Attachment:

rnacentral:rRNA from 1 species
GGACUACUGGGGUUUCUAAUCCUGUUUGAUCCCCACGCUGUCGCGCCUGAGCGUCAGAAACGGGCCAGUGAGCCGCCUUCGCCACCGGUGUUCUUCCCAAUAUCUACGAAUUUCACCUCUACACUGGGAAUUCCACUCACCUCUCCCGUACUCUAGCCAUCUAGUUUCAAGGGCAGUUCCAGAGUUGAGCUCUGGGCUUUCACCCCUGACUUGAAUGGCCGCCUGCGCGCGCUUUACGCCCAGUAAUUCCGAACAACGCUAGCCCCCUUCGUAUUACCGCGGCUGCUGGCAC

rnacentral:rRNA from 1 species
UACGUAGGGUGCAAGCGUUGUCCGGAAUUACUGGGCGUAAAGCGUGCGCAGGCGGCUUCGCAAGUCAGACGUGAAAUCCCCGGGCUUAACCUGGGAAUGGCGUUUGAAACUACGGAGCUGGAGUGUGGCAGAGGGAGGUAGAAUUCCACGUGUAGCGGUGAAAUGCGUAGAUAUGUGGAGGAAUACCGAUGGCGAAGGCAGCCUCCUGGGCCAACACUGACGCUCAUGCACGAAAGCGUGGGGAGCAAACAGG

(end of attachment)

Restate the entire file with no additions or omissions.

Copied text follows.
rnacentral:rRNA from 1 species
GGACUACUGGGGUUUCUAAUCCUGUUUGAUCCCCACGCUGUCGCGCCUGAGCGUCAGAAACGGGCCAGUGAGCCGCCUUCGCCACCGGUGUUCUUCCCAAUAUCUACGAAUUUCACCUCUACACUGGGAAUUCCACUCACCUCUCCCGUACUCUAGCCAUCUAGUUUCAAGGGCAGUUCCAGAGUUGAGCUCUGGGCUUUCACCCCUGACUUGAAUGGCCGCCUGCGCGCGCUUUACGCCCAGUAAUUCCGAACAACGCUAGCCCCCUUCGUAUUACCGCGGCUGCUGGCAC

rnacentral:rRNA from 1 species
UACGUAGGGUGCAAGCGUUGUCCGGAAUUACUGGGCGUAAAGCGUGCGCAGGCGGCUUCGCAAGUCAGACGUGAAAUCCCCGGGCUUAACCUGGGAAUGGCGUUUGAAACUACGGAGCUGGAGUGUGGCAGAGGGAGGUAGAAUUCCACGUGUAGCGGUGAAAUGCGUAGAUAUGUGGAGGAAUACCGAUGGCGAAGGCAGCCUCCUGGGCCAACACUGACGCUCAUGCACGAAAGCGUGGGGAGCAAACAGG